Podcasting Not As Easy As It Sounds

I have been listening to many different podcasts on line lately.  Some are produced by broadcasters with access to radio station studio facilities and some are produced by amateurs with a USB microphone connected to a computer.  In all cases, the new sound cloud technology has made it simple to distribute their ramblings.  

Some good ideas but no so good performances

Podcasts are like mini radio talk shows, but without phone calls from the listening audience.  They can be a powerful and effective communications tool, adding quality content to your website while offering your followers another way to stay connected with you.  Done poorly, they are little more than the uninformed ramblings of yet another self-ordained expert.  There are certain unfortunate truths about today’s marketing and content worlds.
  • A Facebook profile and tweeting what you had for breakfast does not make you a social media expert.
  • A $200 movie camera from Walmart does not make you a professional videographer.
  • A computer with word processing does not make you a writer.
  • Ownership of a microphone and the required recording/editing software does not make you a compelling communicator.
  • Not everyone with a briefcase is a consultant.

When it’s wrong, it’s still wrong

I think I’ve now heard it all.  Let’s begin with technique.
  • Bad acoustics result in a hollow sound.  There are  inexpensive acoustic devices on the market that clamp to a microphone stand.  The sound of your podcast will instantly improve.
  • Invest in a pop screen.  It’s one of those round things you see in pictures of singers in a recording studio.  (see picture)  They are designed to stop you from “popping” your “p’s”.
  • Learn proper mike placement.  Get closer and don’t talk so loud.  Usually if you speak across the surface of the microphone it’s better than directly into it.  A loud voice is not natural for conversation.
  • Take care not to move the microphone cable while recording.  It can make an awful noise.  
  • If you have the benefit of a recording meter to monitor volume, be sure you aren’t in the hot zone causing distortion or in the too quiet zone making it impossible to hear.
  • Preparation and research are not negotiable.  Know your topic.  If facts are vital to the story, then research the facts.  If you plan on interviewing the author of a new book on marketing, read the damn book.  If you want to tell an anecdote to make a point, write out and edit your anecdote.
  • Having a plan for each podcast is also essential.  Most everything we do in life has a beginning, a middle and an end.  It doesn’t matter if it’s meant to be five minutes, 15 minutes or a half hour.  How will you start?  What points will you use to develop the story?  What opinions and perspective will you offer your listeners?  How will you end it?  A plan or show map will help keep you from wandering into the boring and needlessly long.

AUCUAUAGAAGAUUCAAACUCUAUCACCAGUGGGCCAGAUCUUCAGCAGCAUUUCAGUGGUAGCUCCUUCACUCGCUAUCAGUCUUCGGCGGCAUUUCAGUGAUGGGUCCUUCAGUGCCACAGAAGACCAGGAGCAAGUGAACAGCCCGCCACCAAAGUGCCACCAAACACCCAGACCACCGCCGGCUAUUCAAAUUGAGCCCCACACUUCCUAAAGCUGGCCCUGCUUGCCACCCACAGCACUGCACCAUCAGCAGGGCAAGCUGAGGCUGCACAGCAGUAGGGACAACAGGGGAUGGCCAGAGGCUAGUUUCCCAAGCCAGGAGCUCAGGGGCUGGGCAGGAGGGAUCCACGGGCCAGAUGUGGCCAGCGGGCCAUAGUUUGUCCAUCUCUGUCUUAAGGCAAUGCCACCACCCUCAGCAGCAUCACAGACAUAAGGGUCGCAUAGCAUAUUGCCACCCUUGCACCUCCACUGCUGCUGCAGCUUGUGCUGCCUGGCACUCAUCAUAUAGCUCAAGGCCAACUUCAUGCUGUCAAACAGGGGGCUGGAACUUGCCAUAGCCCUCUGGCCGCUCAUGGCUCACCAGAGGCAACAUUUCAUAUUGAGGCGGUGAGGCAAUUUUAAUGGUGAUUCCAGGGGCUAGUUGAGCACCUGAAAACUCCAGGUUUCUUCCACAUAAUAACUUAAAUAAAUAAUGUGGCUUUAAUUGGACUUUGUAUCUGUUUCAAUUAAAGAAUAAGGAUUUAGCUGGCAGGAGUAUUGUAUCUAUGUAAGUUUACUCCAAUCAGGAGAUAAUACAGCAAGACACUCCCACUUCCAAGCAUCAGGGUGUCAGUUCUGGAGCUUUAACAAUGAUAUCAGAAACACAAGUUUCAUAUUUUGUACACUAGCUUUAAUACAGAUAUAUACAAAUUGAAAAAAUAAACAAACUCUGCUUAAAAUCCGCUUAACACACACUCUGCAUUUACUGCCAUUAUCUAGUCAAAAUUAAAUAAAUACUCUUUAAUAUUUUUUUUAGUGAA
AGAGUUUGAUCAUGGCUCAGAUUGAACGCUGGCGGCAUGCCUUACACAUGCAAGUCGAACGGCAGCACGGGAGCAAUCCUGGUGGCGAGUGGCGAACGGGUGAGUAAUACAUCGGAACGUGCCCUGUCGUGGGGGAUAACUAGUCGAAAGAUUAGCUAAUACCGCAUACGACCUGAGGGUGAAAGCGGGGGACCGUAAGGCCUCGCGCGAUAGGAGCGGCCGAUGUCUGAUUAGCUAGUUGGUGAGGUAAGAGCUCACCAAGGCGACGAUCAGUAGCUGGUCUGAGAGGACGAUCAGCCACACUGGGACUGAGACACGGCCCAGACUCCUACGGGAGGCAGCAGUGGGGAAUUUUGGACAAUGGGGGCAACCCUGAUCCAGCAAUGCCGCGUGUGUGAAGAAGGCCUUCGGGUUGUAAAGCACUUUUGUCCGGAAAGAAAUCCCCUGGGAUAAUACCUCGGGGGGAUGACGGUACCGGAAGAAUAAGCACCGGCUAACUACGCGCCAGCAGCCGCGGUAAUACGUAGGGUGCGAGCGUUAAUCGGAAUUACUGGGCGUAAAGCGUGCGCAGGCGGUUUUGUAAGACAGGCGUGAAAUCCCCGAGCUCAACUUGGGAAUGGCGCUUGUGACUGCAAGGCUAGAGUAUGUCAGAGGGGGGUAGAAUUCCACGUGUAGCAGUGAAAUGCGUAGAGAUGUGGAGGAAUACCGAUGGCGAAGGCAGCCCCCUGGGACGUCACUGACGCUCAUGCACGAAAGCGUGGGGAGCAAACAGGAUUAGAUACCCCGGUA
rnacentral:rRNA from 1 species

• When more than one voice is heard in an interview setting or round-table discussion, there is a critical rule to follow.  Introduce the participants at the front and then every two to three minutes until it’s over, quickly re-introduce the voices so that we as listeners know who is talking.  
  • Avoid stupid sounding platitudes.  I call this affliction, the Chip ‘N Dale syndrome.  How are you, I am fine, how’s the weather, happy to be here….in other words a whole bunch of “who cares”! 
  • Focus on your listener.  What do they want to know?  What will inform and entertain them? 
Three easy podcast styles

It’s easy if you are willing to do the work.  Compelling shows or podcasts don’t happen by accident.  Research and preparation, a show map and attention to technical issues will result in a more interesting product.  You don’t have to be a broadcast professional.  Here are some approaches that work.
  1. Explain it - Pick a topic from your area of expertise, one of the frequently asked questions from your clients or fans.  Research it and in non-technical language, tell me what it’s all about.
  2. The interview - Interesting people with expertise and experience within your topic zone.  Sit them down and record them interacting with you through a set of questions designed to provide your audience with useful information.
  3. The round-table discussion - Three people with researched but varied opinions, discussing a common topic. 
God bless the internet

There's a whole world of people looking for things to see, hear and read on line.  They search by topic and they don't care where you live, only if you are interesting.  To get found by potential fans you must also pay attention to tag words, content titles and descriptions.  Build it and they will come.  Podcasters prove it every day.  Only the good ones earn a following.